Here, however, we have a self-inflicted wound. We can see the footage and can see for ourselves that Rep. Akin did in fact say these words. I don’t believe we should support stupid statements and bad votes just because the guy who made stupid statements or bad votes has an R next to his name. I think it is essential that we say, “No, that quote or that vote does not represent my position and I will not be tied down to it.”
The next response I came across was that what Akin said wasn’t all that bad compared to the wide variety of stupid things Democrats have said or that next to the disastrous record of McCaskill and Obama, a bad soundbyte paled in comparison.
Again, I agree with the premise. Democrats have said a lot of stupid things and McCaskill and Obama’s records are nightmares.
But the difference here of course is that McCaskill and Obama have a press that salivates to defend and cover for them and destroy any challenge to their maintaining power. The right does not have this.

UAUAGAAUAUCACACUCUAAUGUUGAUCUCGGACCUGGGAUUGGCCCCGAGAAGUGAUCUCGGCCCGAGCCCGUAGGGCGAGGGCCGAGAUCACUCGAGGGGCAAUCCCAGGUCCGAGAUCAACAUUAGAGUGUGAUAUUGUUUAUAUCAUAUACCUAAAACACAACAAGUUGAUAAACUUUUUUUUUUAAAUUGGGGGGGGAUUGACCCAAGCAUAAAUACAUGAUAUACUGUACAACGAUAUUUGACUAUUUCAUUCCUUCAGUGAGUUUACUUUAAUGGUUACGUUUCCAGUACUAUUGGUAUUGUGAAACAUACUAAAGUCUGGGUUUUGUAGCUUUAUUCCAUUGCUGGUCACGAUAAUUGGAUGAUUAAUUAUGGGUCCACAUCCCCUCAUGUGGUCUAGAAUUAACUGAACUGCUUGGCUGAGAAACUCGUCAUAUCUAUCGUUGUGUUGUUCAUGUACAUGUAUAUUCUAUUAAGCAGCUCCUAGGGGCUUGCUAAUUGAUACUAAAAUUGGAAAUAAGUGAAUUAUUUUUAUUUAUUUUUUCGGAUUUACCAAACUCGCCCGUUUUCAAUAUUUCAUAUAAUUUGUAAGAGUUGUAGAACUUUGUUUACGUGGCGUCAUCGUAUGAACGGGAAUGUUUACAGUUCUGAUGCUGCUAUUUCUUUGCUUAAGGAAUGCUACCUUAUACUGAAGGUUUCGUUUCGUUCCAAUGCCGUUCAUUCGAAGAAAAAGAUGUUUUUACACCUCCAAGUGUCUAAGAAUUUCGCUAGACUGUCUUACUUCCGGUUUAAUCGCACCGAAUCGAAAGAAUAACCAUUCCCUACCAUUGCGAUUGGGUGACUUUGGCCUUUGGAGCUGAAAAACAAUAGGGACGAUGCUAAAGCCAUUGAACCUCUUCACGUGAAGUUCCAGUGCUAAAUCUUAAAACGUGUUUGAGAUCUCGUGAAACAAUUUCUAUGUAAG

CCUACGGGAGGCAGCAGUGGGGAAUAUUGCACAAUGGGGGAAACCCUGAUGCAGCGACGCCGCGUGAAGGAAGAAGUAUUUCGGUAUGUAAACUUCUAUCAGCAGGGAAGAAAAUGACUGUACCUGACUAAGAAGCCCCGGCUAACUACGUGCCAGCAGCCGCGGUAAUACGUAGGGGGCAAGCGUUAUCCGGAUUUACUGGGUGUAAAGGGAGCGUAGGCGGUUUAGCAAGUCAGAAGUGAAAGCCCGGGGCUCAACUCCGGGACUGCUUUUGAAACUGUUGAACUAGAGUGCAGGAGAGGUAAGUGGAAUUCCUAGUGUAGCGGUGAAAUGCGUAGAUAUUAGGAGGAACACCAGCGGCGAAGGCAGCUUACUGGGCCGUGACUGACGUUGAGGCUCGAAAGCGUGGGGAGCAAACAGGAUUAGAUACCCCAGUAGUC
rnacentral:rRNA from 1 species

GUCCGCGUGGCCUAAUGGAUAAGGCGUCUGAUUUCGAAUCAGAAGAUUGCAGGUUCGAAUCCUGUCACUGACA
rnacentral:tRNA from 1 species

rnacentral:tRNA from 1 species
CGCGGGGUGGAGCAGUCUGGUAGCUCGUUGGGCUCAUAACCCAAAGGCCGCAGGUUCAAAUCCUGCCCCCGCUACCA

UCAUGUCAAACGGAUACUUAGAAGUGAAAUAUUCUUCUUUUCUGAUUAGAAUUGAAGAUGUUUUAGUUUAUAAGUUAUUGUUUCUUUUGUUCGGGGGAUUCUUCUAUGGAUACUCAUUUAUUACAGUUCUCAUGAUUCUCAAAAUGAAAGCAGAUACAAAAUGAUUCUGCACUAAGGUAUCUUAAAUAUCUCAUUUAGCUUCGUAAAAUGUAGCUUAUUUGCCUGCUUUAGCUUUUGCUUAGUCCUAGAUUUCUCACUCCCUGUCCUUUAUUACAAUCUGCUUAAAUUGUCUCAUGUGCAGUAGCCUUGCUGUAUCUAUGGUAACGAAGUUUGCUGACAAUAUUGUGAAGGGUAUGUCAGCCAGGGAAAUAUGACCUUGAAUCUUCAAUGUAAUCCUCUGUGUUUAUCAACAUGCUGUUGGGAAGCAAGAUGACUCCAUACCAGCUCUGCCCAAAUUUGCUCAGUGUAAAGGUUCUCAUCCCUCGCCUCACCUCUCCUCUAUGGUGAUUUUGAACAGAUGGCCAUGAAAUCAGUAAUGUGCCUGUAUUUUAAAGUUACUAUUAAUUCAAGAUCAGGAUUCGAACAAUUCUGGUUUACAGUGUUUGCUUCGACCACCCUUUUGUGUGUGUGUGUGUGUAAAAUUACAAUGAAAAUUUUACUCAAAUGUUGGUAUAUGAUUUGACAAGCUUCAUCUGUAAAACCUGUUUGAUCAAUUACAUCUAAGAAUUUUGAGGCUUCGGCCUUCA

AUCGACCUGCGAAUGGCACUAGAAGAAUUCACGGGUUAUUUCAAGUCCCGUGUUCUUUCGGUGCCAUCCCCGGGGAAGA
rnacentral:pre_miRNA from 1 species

Furthermore, do we really want the campaign to be about what is and is not legitimate rape? Really?
And when the left brings forth an ocean of women who got pregnant from rape who look into the cameras with either wounded or angry expressions talking about how horrified they are that the validity of their trauma was being questioned…what then?
The ads almost write themselves: “My name is Samantha and when I was 15, I was raped by my uncle and got pregnant. The experience traumatized me in ways I cannot even begin to describe…and yet Todd Akin believes that pregnancy cannot be the result of rape. So I guess I should take comfort that my rape was not considered “legitimate” by Mr. Akin, right?”
And now let us consider the overflow effect. Congressional and Senatorial candidates will be asked to go on the record as to whether or not they’ll shun Akin and his asinine comments. The GOP Presidential nominee’s campaign has already issued a statement disagreeing with Akin.
Akin will become nationally radioactive at that point and the Senate seat, and quite possibly the chance to retake the Senate, will be gone.